Hallowe’en – the last harvest and the turning of the year.

20171031_114409Growing up in 1960s England my memories of this time of year were of Hallowe’en being a much bigger deal for our Irish family than for English families, who tended to focus on Bonfire Night (which for obvious reasons we did not celebrate). From a very early age I can remember my mother lighting candles, my father bringing in bags of nuts and satsumas and apples being bobbed for in icy cold water. A swede lantern would be prepared and would give off a fairly unpleasant sweet smell as it warmed up. Dad might light a fire in the back garden and we would spook each other with ghost stories – and the three of us older girls dressed up as Banshees or witches. There was no Hallowe’en “industry” in those days and I can remember my oldest sister Lise and our great friend Oliver hanging a piece of white, embossed wallpaper cut to the shape of a ghost in the linen cupboard. They lined us all up to open the door and look. When you opened the door, even just a crack the paper moved in the draft and caught the light and I can remember that this was literally terrifying for the five year old me.

I remember my Grandfather, a wonderful teller of ghost stories, speaking of how in the Irish Midlands he would walk the roads and hedges in the weeks before Hallowe’en to collect nuts for his children using a long stick to pull down the highest branches. And in the days before every shop overflowed with spooky Hallowe’en confectionary and plastic junk, the onus was on simply scaring yourself silly and eating nuts that my father would crack from their shells on the table by candlelight.

Years later my own children, nieces and nephews were always visited by a mysterious and strange woman each Hallowe’en. Madam Magdalena was an outrageous and vaguely Eastern European fortune teller who announced her arrival by bashing on the front door with her stick three times each year to the dread and delight of the children.

I never met her myself, as I was of course alway “busy in the kitchen” when she arrived….. and even my own kids weren’t quite sure who she really was!

To me it always feels that Hallowe’en is a really important part of my heritage. And of course the ancient feast of Samhain was a celebration of the turning of the seasons, the end of the old and the promise of the new. A time to reflect on our loved ones who have departed this world and a time to feel close to them. So in collecting and eating that final harvest of apples, nuts and root vegetables on Hallowe’en, we are preparing for the ending of the light but we also demonstrate that darkness and death is just another part of the cycle of life. And by gathering together and playing games and tricks we are learning to say we are not afraid of death.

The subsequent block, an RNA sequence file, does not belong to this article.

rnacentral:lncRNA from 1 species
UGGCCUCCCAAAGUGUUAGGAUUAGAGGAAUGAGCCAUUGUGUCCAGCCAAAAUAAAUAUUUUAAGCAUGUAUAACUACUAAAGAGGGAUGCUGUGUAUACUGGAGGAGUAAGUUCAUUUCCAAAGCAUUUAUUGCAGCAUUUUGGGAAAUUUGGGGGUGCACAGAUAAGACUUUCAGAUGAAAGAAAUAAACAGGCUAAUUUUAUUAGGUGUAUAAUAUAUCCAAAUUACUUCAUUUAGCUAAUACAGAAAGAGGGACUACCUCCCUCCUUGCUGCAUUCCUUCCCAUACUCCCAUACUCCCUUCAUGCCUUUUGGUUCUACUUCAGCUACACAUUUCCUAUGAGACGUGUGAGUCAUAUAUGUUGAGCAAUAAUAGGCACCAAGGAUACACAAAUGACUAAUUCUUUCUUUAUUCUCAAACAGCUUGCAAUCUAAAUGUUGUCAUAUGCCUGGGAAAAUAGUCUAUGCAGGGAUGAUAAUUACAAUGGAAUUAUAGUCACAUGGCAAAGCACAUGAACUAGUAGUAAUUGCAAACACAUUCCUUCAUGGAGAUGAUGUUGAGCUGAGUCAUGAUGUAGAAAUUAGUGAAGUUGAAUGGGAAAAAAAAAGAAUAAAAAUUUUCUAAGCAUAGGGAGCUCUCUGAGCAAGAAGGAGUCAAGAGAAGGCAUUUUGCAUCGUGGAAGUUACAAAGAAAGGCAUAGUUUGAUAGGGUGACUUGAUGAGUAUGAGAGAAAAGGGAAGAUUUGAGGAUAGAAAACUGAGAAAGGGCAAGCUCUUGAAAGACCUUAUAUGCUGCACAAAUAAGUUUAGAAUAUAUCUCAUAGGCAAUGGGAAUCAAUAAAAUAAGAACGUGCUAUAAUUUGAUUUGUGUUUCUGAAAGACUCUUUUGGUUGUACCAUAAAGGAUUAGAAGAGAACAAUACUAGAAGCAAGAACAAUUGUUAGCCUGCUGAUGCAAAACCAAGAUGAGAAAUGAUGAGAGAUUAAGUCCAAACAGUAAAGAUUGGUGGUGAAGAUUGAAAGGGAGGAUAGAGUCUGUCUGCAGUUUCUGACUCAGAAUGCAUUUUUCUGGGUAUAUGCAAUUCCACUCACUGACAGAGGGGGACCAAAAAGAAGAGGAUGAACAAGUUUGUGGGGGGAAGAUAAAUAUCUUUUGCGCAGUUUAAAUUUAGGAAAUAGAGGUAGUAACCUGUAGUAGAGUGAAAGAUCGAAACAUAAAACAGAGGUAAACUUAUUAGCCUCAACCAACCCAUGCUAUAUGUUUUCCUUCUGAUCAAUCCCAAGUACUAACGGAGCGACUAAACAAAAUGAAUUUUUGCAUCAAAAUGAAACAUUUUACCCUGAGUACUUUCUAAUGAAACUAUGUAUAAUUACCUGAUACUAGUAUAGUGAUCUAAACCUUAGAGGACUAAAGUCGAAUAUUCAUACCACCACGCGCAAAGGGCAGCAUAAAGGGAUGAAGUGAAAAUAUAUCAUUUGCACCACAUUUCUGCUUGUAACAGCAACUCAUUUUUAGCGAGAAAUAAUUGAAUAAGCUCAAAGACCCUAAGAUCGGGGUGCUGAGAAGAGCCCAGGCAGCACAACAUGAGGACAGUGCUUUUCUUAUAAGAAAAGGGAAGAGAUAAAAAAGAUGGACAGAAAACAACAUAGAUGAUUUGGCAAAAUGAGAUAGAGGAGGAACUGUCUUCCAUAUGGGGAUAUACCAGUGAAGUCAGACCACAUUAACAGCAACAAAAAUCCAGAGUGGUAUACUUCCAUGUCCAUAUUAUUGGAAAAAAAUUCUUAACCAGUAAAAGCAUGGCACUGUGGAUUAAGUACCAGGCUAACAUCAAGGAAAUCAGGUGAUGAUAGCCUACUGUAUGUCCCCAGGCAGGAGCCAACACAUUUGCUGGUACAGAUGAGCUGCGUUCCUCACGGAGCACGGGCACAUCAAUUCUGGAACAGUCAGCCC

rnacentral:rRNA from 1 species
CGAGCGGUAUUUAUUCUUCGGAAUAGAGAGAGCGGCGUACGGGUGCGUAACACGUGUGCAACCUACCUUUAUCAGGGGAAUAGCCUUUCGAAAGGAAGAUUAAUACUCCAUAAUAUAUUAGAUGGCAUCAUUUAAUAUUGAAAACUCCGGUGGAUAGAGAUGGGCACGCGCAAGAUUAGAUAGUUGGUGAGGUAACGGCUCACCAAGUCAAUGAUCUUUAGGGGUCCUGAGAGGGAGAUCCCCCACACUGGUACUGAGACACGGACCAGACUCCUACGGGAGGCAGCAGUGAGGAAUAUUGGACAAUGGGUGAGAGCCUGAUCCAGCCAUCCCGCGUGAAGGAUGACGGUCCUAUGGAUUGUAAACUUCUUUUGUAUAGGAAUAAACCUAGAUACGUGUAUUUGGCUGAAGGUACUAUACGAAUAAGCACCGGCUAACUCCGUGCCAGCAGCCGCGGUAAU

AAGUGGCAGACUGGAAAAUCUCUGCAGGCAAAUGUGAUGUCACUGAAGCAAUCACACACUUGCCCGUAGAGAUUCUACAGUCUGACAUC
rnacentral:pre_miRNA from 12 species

So in the spirit of the day of course we can move easily from Death to sweet treats for the junior banshees…..and that is precisely what this time of year is all about.

So, I’m just doing a quick and easy treat for this evening that reminds me of those bags of nuts that my Dad and my Grandfather would have shared out each year. But I am adding a crispy, sweet, salty crust for any “trick or treaters” that may come to call. And who knows Madam Magdalena may grace us with her presence and I am reliably informed that she would enjoy these with a large glass of red.

Sea Salt Candied Hazelnuts

  • 150 g Whole Hazelnuts (or other nuts such as pecans, walnuts, almonds or a mixture of)
  • 50g white caster sugar
  • Half a teaspoon of sea salt flakes
  • 1 tablespoon of water
  • A baking sheet lined with non-stick baking parchment.
  • A saucepan
  • An airtight jar if you intend to store them


  1. Pre-heat the oven to 160 degrees centigrade.
  2. Heat the sugar and the water in the saucepan over a low heat until it is completely dissolved. Then bring it to the boil slowly and without stirring.
  3. Remove the saucepan from the heat and add the nuts and gently stir so that they are coated by the syrup.
  4. Now pour the contents of the saucepan on to the baking tray and gently spread them out evenly. Sprinkle them with the salt flakes and pop them in the oven.
  5. These will take about 20 minutes to cook and you need to check them every five minutes and give them a quick stir about to separate the nuts from each other. When they are ready they should be coated with a golden brown sugary crust.
  6. Take them out and let them cool completely.

Serve on their own, or as a crunchy topping for cakes or ice cream. Or save them till the end of a meal with a cup of coffee and a glass of Frangelico (hazelnut liqueur). And maybe raise a glass then to the ancestors and those departed friends and family that we shared this special time of the year with in our youth.

Happy Samhain.